LT comments in the thread earlier today that (s)he can see some relevance of animals to the abortion debate. And I can actually see it in one narrow context. In his essay in What Roe Should Have Said, Akhil Amar argues:
There are indeed plausible textual reasons for not treating the unborn as persons within the meaning of the Constitution…but even nonpersons may have interests that deserve of human protection. A pet dog is not a person, yet society may protect it from cruelty or wanton destruction…
This is is true, as far as it goes. The fact that the fetus is not a legal person does not, in and of itself, mean that the state cannot legislate to protect fetal life. (Well, apparently there are some libertarians who argue that the state cannot protect animals; not being a libertarian, I’m free to agree with McArdle that such legislation is perfectly acceptable, and in any case it’s certainly not prohibited by the United States Constitution.)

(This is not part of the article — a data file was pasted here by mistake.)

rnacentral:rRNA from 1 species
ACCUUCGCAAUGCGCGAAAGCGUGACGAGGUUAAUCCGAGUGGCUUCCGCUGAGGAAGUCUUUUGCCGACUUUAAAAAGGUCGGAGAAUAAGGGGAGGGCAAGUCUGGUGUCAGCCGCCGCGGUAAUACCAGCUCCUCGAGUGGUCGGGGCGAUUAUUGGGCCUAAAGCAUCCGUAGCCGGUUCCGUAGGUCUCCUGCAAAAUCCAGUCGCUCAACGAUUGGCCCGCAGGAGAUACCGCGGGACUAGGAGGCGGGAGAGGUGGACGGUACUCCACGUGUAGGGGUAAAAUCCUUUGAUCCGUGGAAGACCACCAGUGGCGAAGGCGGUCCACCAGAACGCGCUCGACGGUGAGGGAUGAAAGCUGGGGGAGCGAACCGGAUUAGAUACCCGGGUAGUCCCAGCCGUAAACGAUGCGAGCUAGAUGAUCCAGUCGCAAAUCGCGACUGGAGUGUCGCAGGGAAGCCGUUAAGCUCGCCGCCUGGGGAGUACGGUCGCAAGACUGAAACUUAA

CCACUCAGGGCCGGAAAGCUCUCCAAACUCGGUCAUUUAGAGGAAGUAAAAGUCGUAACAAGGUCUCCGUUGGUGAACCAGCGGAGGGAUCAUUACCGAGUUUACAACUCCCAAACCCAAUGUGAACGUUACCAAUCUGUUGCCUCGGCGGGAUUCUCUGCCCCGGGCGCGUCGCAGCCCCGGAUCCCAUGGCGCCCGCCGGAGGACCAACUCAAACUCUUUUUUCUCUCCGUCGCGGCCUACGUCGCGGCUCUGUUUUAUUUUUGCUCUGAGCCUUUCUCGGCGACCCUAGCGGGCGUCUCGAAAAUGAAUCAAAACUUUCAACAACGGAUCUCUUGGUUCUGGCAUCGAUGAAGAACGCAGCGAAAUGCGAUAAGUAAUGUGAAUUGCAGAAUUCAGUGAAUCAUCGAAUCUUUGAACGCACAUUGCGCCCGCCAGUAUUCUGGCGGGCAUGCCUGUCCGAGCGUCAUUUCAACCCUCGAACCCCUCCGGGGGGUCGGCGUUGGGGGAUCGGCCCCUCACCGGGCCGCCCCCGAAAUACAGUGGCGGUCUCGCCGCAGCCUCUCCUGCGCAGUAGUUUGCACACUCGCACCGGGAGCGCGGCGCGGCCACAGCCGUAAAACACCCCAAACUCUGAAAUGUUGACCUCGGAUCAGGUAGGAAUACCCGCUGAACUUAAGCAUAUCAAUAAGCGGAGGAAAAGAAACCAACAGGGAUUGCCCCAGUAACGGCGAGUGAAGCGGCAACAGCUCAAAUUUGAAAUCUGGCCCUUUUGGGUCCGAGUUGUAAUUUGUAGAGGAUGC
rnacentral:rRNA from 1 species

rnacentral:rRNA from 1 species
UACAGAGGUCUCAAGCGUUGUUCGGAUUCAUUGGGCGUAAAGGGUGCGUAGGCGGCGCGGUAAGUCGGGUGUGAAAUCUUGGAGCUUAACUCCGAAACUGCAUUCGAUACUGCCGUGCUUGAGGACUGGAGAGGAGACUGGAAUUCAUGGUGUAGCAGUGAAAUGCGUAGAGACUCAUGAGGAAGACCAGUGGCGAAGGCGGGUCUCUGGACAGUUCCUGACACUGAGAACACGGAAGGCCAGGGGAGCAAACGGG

But as applied to abortion, the analogy doesn’t do any serious work: it breaks down in ways that are particularly important to assessing abortion. Most importantly, unlike animals fetuses reside in women’s bodies, and being forced to carry a pregnancy to term imposes serious burdens on a mother’s health and life prospects, which forcing a woman not to torture dogs does not. Similarly, bans on abortion ineluctably place these burdens exclusively on women as a class, while most laws protecting animals don’t burden any particular class of individuals. And finally, unlike with abortion statutes as Michael Vick now knows we’re willing to enforce laws banning animal cruelty against rich people. Roe extended the de facto access affluent women had to safe abortions to more women by straining down legislation that was arbitrarily enforced; again, there’s no analogy with bans on animal cruelty here.
So ultimately the point, while narrowly clever, isn’t useful. If access to abortion is not a fundamental right, the analogy is superfluous; the state can already balance the relevant interests pretty much however it chooses. (It matters only in the sense that the state would not be required to ban abortion, a conclusion that for obvious reasons opponents of legal abortion are generally desperate to avoid in any case.) And if abortion is a fundamental right — and under the relevant doctrine is clearly is — comparing fetuses to animals doesn’t get you very far in terms of justifying the severe burdens abortion bans place on the right.